Patients with extreme anxiety caused by autism, sensory processing disorder and other conditions can be difficult to soothe and calm. Dr. Temple Grandin (who is autistic, and who was looking into ways to treat her own anxiety) uncovered the benefits of pressure as a way to calm an overstimulated and frazzled nervous system. Dr. Grandin created a squeeze machine for herself, researchers and clinicians adapted the same idea into weighted blankets. The principal concept is that firm pressure on the body for an extended period can calm the mind.
Research has found that deep pressure touch stimulation releases serotonin, a chemical in the brain that works as a neurotransmitter in the regulation of mood, sleep and sensory perception. Weighted blankets mimic deep pressure touch stimulation and thus can have a calming and soothing effect. Sensory processing disorders generally accompany other conditions and many that appear on the autism spectrum. The sensory disorders cause children to seek sensory stimulation or to "stim," which is characterized by such actions as flapping the arms or, in severe cases, self-injurious behaviors. A weighted blanket can counteract this need for sensory stimulation in many cases. The pressure that the blanket puts on the child's body meets the child's need for physical sensation and simultaneously calms the child down.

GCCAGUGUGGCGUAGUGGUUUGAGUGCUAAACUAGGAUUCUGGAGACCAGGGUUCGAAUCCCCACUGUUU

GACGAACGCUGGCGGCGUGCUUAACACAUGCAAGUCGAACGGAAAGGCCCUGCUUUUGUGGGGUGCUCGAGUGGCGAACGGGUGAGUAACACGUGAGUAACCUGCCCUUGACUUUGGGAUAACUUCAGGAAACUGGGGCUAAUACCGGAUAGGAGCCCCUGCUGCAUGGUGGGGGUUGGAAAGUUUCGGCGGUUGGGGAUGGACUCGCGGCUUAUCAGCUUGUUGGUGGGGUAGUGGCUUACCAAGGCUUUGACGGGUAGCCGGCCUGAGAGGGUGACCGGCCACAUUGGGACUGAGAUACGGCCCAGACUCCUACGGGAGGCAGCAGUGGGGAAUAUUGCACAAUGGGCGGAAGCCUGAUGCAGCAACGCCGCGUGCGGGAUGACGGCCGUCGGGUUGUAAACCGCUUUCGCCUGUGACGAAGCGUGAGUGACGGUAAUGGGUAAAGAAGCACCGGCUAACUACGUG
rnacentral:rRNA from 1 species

Example: A 63 pound child of 7 years would use an 8 pound youth blanket. To provide the same pressure per sqaure inch for a twin size, the weight would have to be 10 pounds which may be difficult for the 7 year old to handle. We recommend proper sizing by age.